As some of you might know, Scotland used to be a very forested region; after the last Ice Age with boreal coniferous trees and later with species that are common to a more temperate climate – until about 5,000 years ago. Since then, the forest cover has been on a decline, and the area covered by forests in Scotland was down to an astonishing 5% during the early 1900s (https://en.wikipedia.org/wiki/Forestry_in_Scotland). After that, though, things have fortunately improved, and according to the same source (ibid.), the forest cover was up to 18.5% in 2019. For comparison, Finland has about 65% of land area covered by forests, and Russia around 50%, for example.
The decline of Scotland’s forests was due to many different factors such as the emergence of agriculture and industry where woodland areas were turned into farmland and trees were used as timber or for charcoal as fuel. However, replanting trees has been conducted throughout the last few centuries, and in 1919 the Forestry Commission was established to address the need to grow more timber which was in great demand during WW I, and the need was dire again during the WW II.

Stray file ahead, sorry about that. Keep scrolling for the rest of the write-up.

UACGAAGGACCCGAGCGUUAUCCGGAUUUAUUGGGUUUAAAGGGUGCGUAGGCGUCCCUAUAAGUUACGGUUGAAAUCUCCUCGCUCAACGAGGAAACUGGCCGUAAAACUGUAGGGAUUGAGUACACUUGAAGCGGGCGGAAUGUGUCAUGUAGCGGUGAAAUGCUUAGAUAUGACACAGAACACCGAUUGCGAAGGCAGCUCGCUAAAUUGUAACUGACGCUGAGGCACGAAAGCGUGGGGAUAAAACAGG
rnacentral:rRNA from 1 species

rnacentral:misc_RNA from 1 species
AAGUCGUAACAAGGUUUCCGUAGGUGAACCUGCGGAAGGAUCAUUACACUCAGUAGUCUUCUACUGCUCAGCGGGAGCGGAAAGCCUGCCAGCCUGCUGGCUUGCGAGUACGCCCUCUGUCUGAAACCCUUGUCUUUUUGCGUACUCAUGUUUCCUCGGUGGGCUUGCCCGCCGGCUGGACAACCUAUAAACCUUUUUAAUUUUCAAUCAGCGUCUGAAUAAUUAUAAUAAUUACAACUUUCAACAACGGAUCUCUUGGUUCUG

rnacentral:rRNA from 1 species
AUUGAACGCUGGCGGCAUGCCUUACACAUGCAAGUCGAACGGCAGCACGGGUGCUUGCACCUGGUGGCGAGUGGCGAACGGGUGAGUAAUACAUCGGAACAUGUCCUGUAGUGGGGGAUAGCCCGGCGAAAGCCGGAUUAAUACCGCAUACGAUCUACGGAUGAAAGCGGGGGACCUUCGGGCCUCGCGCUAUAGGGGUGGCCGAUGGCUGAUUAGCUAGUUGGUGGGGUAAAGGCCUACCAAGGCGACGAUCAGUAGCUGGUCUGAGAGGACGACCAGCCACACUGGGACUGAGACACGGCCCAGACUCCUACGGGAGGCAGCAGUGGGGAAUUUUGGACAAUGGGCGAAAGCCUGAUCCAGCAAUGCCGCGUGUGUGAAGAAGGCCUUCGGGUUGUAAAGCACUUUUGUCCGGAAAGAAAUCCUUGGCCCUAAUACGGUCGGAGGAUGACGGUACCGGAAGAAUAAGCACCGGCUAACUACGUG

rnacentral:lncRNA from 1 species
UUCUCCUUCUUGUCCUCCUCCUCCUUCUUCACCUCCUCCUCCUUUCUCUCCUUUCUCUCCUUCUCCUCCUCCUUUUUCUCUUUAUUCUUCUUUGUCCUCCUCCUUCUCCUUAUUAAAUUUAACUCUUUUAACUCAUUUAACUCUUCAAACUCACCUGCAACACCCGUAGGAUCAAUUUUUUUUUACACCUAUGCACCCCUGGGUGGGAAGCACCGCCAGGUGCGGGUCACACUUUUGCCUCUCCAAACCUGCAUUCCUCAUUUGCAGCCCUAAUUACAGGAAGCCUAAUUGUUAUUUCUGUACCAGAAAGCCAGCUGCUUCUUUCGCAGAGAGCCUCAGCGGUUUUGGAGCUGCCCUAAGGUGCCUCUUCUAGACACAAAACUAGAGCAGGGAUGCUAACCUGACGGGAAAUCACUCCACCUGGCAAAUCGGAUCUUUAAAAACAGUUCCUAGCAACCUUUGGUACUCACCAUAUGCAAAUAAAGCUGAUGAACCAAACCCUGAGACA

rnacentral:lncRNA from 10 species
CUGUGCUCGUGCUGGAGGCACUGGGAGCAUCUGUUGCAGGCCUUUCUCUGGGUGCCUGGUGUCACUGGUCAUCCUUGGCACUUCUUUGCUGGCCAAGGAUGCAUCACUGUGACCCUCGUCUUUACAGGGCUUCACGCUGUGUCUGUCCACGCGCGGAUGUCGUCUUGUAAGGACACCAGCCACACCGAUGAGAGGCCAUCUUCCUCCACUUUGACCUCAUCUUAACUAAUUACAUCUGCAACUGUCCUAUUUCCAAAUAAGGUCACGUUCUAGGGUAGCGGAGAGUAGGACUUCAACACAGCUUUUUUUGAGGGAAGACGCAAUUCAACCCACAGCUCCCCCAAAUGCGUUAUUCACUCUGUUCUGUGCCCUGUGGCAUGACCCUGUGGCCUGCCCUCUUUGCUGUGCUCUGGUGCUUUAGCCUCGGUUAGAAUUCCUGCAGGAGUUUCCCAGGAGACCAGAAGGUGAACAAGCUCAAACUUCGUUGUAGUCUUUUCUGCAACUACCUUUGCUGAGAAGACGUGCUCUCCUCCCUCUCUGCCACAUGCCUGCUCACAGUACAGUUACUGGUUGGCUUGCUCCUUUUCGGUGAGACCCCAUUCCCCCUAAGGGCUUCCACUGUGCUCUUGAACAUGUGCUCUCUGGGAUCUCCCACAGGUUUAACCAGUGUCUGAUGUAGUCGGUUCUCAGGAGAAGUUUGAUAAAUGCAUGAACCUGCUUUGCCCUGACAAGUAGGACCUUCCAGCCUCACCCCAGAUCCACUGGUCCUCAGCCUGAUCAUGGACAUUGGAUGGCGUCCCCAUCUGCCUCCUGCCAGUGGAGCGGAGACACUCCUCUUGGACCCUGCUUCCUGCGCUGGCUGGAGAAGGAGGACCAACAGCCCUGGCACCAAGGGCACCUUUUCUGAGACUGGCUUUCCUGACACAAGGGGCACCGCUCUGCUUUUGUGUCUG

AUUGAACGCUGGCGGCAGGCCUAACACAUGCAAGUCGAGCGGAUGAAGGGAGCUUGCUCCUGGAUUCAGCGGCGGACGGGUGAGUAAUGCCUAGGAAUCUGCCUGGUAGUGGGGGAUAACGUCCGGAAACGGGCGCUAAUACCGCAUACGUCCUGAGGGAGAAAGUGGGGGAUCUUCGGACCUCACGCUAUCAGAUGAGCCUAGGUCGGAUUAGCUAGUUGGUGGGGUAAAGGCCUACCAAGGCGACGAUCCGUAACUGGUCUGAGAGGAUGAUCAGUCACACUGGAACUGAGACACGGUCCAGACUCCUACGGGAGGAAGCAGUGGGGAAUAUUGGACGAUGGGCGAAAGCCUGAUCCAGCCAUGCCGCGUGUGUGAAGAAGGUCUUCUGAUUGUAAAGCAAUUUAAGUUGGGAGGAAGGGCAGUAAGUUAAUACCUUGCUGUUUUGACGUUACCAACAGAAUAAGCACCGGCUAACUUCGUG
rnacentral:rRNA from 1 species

After that, and until the recent years, the forested area has steadily grown, but not as much and as fast as many would have hoped.
Established in 1991, and the base of operations located in Edinburgh, Reforesting Scotland is one of many organizations involved in promoting forest life and forest living in a sustainable way, and reforestation is one of its many goals. According to its website, Reforesting Scotland aims to:
- Promote a sustainable forest culture and economy in a well-forested land
- Develop the use of locally-produced forest goods and services
- Encourage social and ecological restoration in forests and in wider land use
- Raise awareness of the benefits of low-energy living based on woodland resources
- Place the Scottish forestry situation in an international context.
As I am waiting for a reply from the staff of Reforesting Scotland, the remaining section of the Story #2 will be updated as more information becomes available. Until then, you can check the Reforesting Scotland’s website for details on their work and ongoing projects. [this post last updated: Jan. 7, 2021]